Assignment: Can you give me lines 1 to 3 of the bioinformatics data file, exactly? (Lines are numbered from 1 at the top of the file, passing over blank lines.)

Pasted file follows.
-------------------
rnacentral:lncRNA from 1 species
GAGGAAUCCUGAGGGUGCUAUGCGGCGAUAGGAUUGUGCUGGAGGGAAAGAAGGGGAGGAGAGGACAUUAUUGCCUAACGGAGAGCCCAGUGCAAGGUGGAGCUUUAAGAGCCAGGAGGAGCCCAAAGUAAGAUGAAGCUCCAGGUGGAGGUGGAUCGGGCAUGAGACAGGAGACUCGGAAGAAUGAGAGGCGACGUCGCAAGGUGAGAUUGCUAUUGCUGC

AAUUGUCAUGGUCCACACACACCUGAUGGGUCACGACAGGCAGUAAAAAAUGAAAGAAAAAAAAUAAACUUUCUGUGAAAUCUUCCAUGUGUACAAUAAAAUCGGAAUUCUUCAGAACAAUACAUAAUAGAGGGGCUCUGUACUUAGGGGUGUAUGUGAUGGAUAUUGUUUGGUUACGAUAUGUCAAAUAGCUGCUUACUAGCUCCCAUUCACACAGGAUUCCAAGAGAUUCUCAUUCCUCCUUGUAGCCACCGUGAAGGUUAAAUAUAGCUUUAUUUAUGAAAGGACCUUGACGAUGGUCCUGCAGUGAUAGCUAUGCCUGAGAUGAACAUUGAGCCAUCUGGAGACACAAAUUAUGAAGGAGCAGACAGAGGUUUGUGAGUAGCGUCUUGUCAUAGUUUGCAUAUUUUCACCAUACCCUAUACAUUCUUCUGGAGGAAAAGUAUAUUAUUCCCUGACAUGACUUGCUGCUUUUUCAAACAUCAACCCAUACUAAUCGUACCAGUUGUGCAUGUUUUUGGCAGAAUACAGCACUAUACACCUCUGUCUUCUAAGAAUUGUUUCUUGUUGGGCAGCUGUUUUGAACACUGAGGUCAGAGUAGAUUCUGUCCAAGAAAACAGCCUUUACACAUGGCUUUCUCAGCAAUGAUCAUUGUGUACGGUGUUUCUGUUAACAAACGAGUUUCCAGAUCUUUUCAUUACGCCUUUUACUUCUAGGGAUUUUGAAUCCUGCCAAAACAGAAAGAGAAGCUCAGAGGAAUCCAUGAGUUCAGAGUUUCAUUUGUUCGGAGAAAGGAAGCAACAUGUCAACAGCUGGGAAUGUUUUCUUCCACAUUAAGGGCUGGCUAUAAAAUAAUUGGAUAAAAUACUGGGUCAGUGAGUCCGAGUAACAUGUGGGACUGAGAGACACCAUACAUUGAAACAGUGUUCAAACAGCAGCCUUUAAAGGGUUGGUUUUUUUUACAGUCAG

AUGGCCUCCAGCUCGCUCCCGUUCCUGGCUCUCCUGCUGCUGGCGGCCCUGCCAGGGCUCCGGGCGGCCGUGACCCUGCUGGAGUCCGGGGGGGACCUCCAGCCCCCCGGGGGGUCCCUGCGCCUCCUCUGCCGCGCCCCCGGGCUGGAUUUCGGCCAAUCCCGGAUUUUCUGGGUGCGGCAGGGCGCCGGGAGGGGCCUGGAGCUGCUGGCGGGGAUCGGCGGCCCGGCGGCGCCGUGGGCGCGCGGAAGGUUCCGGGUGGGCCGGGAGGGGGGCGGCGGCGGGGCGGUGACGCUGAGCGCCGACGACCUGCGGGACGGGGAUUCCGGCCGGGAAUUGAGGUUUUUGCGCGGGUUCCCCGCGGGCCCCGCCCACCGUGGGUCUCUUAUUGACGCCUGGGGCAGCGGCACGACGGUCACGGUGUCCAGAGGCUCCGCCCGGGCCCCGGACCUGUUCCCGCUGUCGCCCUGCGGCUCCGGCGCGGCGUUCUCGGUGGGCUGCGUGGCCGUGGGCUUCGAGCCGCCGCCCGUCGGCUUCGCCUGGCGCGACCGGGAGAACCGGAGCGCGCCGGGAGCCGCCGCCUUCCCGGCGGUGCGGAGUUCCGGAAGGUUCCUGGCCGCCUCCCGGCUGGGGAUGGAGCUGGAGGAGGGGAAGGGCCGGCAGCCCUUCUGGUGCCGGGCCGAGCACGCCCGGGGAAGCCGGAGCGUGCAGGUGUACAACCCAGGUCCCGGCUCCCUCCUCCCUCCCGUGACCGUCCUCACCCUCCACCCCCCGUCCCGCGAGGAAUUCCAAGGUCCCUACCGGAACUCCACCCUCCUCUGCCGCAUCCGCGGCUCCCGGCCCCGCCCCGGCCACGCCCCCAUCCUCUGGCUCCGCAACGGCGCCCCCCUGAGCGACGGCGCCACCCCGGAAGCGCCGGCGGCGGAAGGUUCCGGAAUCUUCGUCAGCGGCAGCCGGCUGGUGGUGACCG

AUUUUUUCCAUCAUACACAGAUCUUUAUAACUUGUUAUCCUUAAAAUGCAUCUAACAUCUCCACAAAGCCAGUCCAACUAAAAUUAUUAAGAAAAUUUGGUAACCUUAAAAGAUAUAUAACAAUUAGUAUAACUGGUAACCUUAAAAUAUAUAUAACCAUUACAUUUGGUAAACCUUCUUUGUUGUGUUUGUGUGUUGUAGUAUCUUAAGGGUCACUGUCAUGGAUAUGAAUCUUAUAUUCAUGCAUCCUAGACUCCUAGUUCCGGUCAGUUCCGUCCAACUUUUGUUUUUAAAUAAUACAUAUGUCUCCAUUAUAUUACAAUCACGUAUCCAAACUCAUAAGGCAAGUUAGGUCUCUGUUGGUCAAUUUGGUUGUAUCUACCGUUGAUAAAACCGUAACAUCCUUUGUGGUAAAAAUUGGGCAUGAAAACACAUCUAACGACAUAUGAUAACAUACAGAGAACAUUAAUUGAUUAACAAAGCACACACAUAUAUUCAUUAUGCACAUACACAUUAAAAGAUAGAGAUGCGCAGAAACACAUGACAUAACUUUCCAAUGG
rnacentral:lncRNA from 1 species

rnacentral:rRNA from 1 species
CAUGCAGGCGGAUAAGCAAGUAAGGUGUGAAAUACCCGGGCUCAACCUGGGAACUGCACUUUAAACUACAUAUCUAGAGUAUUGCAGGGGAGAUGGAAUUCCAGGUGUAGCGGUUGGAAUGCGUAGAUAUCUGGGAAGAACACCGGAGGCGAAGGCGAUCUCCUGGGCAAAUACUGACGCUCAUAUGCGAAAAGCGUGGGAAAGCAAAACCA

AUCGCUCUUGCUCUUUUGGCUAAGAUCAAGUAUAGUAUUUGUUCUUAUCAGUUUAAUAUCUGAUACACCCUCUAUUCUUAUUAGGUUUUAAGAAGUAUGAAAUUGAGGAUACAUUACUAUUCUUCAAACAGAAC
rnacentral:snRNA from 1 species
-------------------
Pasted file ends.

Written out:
rnacentral:lncRNA from 1 species
GAGGAAUCCUGAGGGUGCUAUGCGGCGAUAGGAUUGUGCUGGAGGGAAAGAAGGGGAGGAGAGGACAUUAUUGCCUAACGGAGAGCCCAGUGCAAGGUGGAGCUUUAAGAGCCAGGAGGAGCCCAAAGUAAGAUGAAGCUCCAGGUGGAGGUGGAUCGGGCAUGAGACAGGAGACUCGGAAGAAUGAGAGGCGACGUCGCAAGGUGAGAUUGCUAUUGCUGC

AAUUGUCAUGGUCCACACACACCUGAUGGGUCACGACAGGCAGUAAAAAAUGAAAGAAAAAAAAUAAACUUUCUGUGAAAUCUUCCAUGUGUACAAUAAAAUCGGAAUUCUUCAGAACAAUACAUAAUAGAGGGGCUCUGUACUUAGGGGUGUAUGUGAUGGAUAUUGUUUGGUUACGAUAUGUCAAAUAGCUGCUUACUAGCUCCCAUUCACACAGGAUUCCAAGAGAUUCUCAUUCCUCCUUGUAGCCACCGUGAAGGUUAAAUAUAGCUUUAUUUAUGAAAGGACCUUGACGAUGGUCCUGCAGUGAUAGCUAUGCCUGAGAUGAACAUUGAGCCAUCUGGAGACACAAAUUAUGAAGGAGCAGACAGAGGUUUGUGAGUAGCGUCUUGUCAUAGUUUGCAUAUUUUCACCAUACCCUAUACAUUCUUCUGGAGGAAAAGUAUAUUAUUCCCUGACAUGACUUGCUGCUUUUUCAAACAUCAACCCAUACUAAUCGUACCAGUUGUGCAUGUUUUUGGCAGAAUACAGCACUAUACACCUCUGUCUUCUAAGAAUUGUUUCUUGUUGGGCAGCUGUUUUGAACACUGAGGUCAGAGUAGAUUCUGUCCAAGAAAACAGCCUUUACACAUGGCUUUCUCAGCAAUGAUCAUUGUGUACGGUGUUUCUGUUAACAAACGAGUUUCCAGAUCUUUUCAUUACGCCUUUUACUUCUAGGGAUUUUGAAUCCUGCCAAAACAGAAAGAGAAGCUCAGAGGAAUCCAUGAGUUCAGAGUUUCAUUUGUUCGGAGAAAGGAAGCAACAUGUCAACAGCUGGGAAUGUUUUCUUCCACAUUAAGGGCUGGCUAUAAAAUAAUUGGAUAAAAUACUGGGUCAGUGAGUCCGAGUAACAUGUGGGACUGAGAGACACCAUACAUUGAAACAGUGUUCAAACAGCAGCCUUUAAAGGGUUGGUUUUUUUUACAGUCAG